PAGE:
I am heading north and will be speaking at the Private Career School Association of New Jersey 2009 Annual convention but wanted to share a recent question and response from LinkedIn. Before we go to the question, my topic of discussion for Friday’s workshop is: “Job Placement approaches in a Difficult Economy.” If you would like the PowerPoint presentation, let me know.
On this note, if you have any questions, find me at LinkedIn or email me directly, and I’ll be glad to offer over 12 years of experience in human capital management as a strong and diverse academic background. Nothing wrong with data triangulation as we all could use a helping hand now and then!
I bring the following as the question may be pertinent to just about everyone, including students and directors at all levels…
Apply online or in person? Should you just drop off your resume/application, or ask to speak to someone?
Just like in all situations, being prepared for any type of contingency is paramount to success. As an owner of a human capital company and writer of career/professional textbooks and collateral, I can tell you timing can be the determinant of which is best and which is not. Let me explain for a minute or two:
One of the most expensive and taxing elements of being an employer is attracting and retaining qualified candidates. With this, placing an electronic job posting is money I find not always well spent. Thus the catch, if I want qualified candidates, how do I attract them without extending an already over- bloated budget? One way is to receive candidates without advertising. By the very nature of being non-advertised, the candidate must show an initiative and act on it.
Responding online: Think about it this way, according to the top three career management associations in the US, approximately 80% of all jobs are NOT advertised. Thus, for the person responding solely to the advertised market, the pickings are slim yet the pool of applicants is HUGE. As a result, applying on line, and only on line, is not my recommendation. Then again, do not neglect the advertised market as many great positions are posted.
Dropping off resume/application: I am a firm believer in not only claiming a strong desire to work for a company, but also proving that desire. Granted, the vast majority of “walk-ins” will result in simply handing your resume/application to the receptionist, but the character displayed may play heavily in the decision making process. As a career coach and college instructor, I inform my clients and students to dress the part, keep a positive attitude, develop a game-plan (research the companies targeted), and follow up in the days to come. For the employer, having a candidate ready to work, without the expense of posting an advertisement, is a benefit and is much appreciated. This approach also can lead to finding the right contact person within the company for future references and inquiries.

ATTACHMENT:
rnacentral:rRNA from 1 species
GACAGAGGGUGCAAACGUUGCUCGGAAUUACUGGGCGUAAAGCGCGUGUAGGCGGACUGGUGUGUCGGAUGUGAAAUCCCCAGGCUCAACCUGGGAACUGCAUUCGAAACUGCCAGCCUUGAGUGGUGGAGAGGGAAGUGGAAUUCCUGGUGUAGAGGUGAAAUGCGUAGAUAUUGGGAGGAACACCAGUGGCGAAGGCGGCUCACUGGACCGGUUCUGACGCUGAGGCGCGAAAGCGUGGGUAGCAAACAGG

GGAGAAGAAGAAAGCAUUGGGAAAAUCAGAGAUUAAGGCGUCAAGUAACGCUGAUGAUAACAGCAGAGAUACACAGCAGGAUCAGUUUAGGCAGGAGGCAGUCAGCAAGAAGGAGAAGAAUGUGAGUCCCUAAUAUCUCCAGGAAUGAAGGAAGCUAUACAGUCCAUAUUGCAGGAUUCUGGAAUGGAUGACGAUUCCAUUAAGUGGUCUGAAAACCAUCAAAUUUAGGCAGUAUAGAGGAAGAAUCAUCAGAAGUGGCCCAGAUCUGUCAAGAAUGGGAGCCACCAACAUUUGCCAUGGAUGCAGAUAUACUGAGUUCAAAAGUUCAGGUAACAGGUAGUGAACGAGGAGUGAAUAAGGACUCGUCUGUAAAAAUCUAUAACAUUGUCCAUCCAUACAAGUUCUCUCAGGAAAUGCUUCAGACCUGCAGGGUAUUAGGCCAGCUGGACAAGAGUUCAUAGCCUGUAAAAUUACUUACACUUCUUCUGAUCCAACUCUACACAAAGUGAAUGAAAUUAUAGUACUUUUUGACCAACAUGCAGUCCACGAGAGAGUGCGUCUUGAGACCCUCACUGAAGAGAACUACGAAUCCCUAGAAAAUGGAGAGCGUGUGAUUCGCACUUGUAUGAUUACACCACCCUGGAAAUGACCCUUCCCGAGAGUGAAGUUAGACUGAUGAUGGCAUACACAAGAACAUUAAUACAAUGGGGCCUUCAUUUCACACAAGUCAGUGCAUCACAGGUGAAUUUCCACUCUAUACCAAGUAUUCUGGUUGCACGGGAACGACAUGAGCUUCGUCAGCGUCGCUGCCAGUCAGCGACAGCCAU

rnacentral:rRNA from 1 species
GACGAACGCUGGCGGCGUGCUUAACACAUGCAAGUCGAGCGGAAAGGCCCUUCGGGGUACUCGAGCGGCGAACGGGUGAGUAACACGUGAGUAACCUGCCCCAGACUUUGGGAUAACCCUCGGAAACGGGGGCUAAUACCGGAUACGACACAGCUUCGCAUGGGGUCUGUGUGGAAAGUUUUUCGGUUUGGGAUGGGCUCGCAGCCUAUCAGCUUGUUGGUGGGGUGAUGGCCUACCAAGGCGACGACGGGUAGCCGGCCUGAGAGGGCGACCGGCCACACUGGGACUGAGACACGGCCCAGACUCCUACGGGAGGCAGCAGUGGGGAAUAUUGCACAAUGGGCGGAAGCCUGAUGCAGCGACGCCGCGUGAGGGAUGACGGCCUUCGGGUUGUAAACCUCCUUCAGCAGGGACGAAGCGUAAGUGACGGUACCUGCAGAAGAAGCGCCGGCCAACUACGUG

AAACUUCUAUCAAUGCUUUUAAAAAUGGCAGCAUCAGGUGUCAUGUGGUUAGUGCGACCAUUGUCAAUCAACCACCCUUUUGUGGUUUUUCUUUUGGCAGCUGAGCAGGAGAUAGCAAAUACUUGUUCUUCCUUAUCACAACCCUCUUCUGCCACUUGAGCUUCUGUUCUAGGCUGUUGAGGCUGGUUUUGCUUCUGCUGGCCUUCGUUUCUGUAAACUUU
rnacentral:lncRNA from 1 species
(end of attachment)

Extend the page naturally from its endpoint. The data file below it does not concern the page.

Ask to speak to someone: No doubt you do not want to be pushy or aggressive but you do want to be assertive. Be polite and if your first contact is over the phone, request to speak to the manager of the department you are hoping to work in. If the receptionist (or gatekeeper) is not cooperative, thank her or him for the time and ask for the manager’s name and prepare an introductory letter. If you are walking in, again be polite and know your presence is probably an inconvenience (due to no schedule). As a result, ask if a scheduled appointment can be made at a later date. While I was a vice-president at my last place, nothing bothered me more than an unscheduled meeting. Then again, when I was seeking candidates for employment, nothing was more pleasing on the budget. Thus, it’s all about timing.
Ultimately, the best approach would be to focus on the advertised AND the unadvertised market. By incorporating a triangulation method, your chances of success dramatically increase. Unfortunately, the unemployment rate is at a level to foster discouragement. My words are for you to NOT become discouraged and through perseverance, the career most desired will come to fruition.
Danny Huffman, MA, CEIP, CPCC, CPRW
Owner, Author, Publisher
Career Services International
Education Career Services
407-206-5883 (direct line)
866-794-3337 ext 110